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‘If...’
Music: Sir Hubert Parry
A reflection on what builds real character

IF you can keep your head when all about youAre losing theirs and blaming it on you,If you can trust yourself when all men doubt you,But make allowance for their doubting too;If you can wait and not be tired by waiting,Or being lied about, don’t deal in lies,Or being hated, don’t give way to hating,And yet don’t look too good, nor talk too wise:

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Word Play

Adapted from textbooks used in Grammar Schools and Secondary Moderns from the 1920s to the 1960s.

Distinguish using sentences: Unless. Except.

Use as a noun and also as a verb: Look. Serve. Count.

Use together in one sentence: Except. Lose one’s head. Heart.

More games: Confusables. Spinner. Opposites. Verb or Noun? Active or Passive? Subject and Object. Adjectives. Word Classes.

‘The Overland Mail’
Music: Charles Villiers Stanford
A tribute to the postal workers of British India, and to the kind of empire they helped to build.

IN the name of the Empress of India, make way,
O Lords of the Jungle wherever you roam,
The woods are astir at the close of the day—
We exiles are waiting for letters from Home—
Let the robber retreat; let the tiger turn tail,
In the name of the Empress the Overland-Mail!

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Word Play

Adapted from textbooks used in Grammar Schools and Secondary Moderns from the 1920s to the 1960s.

Distinguish using sentences: Hear. Attend. Listen.

Use as a noun and also as a verb: Swim. Bill. Mouth.

Use together in one sentence: Scuffle. Robber. Turn.

More games: Précis. Confusables. Spinner. Opposites. Verb or Noun? Active or Passive? Subject and Object. Adjectives. Word Classes.

The Nightingale and the Glow Worm
Music: George Frideric Handel
A kind of Aesop’s Fable in verse, about mutual respect among those with different talents.

A NIGHTINGALE, that all day long
Had cheered the village with his song,
Nor yet at eve his note suspended,
Nor yet when eventide was ended,
Began to feel, as well he might,
The keen demands of appetite

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Word Play

Adapted from textbooks used in Grammar Schools and Secondary Moderns from the 1920s to the 1960s.

Distinguish using sentences: Will. Would.

Use as a noun and also as a verb: Demand. Shine. Note.

Use together in one sentence: Abhor. Beautify. Minstrel.

More games: Précis. Sevens. Jigsaw. Confusables. Spinner. Opposites. Verb or Noun? Active or Passive? Subject and Object. Adjectives. Word Classes.

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‘Recessional’
Music: George Frideric Handel
A heartfelt plea for humility at the height of Britain’s Empire.

GOD of our fathers, known of old —
Lord of our far-flung battle-line —
Beneath whose awful Hand we hold
Dominion over palm and pine —
Lord God of Hosts, be with us yet,
Lest we forget — lest we forget!

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Word Play

Adapted from textbooks used in Grammar Schools and Secondary Moderns from the 1920s to the 1960s.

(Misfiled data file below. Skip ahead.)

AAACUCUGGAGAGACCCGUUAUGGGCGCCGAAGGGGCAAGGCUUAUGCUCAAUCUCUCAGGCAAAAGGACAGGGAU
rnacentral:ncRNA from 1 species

Distinguish using sentences: Loose. Loosen. Lose.

Use as a noun and also as a verb: Guard. Hand. Stand.

Use together in one sentence: Whose. Far-flung. Word.

More games: Précis. Sevens. Jigsaw. Confusables. Spinner. Opposites. Verb or Noun? Active or Passive? Subject and Object. Adjectives. Word Classes.

Ring out the Old, Ring in the New
Music: Albert Ketèlbey
For Alfred, Lord Tennyson, Christmas was a time to let the dead past bury its dead.

RING out, wild bells, to the wild sky,
The flying cloud, the frosty light:
The year is dying in the night;
Ring out, wild bells, and let him die.

Ring out the want, the care, the sin,
The faithless coldness of the times;
Ring out, ring out my mournful rhymes,
But ring the fuller minstrel in.

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Word Play

Adapted from textbooks used in Grammar Schools and Secondary Moderns from the 1920s to the 1960s.

Distinguish using sentences: Lamp. Light. Torch.

Use as a noun and also as a verb: Man. Care. War.

Use together in one sentence: Year. Land. Fly.

More games: Précis. Confusables. Spinner. Opposites. Verb or Noun? Active or Passive? Subject and Object. Adjectives. Word Classes.

Christmas Bells
Music: Ralph Vaughan Williams
The sounds of an English country Christmas helped Tennyson in his deep mourning for an old friend.

THE time draws near the birth of Christ:
The moon is hid; the night is still;
The Christmas bells from hill to hill
Answer each other in the mist.

Each voice four changes on the wind,
That now dilate, and now decrease,
Peace and goodwill, goodwill and peace,
Peace and goodwill, to all mankind.

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Word Play

Adapted from textbooks used in Grammar Schools and Secondary Moderns from the 1920s to the 1960s.

Distinguish using sentences: Peace. Truce.

Use as a noun and also as a verb: Hold. Spirit. Bell.

Use together in one sentence: Life. Time. Boy.

More games: Précis. Confusables. Spinner. Opposites. Verb or Noun? Active or Passive? Subject and Object. Adjectives. Word Classes.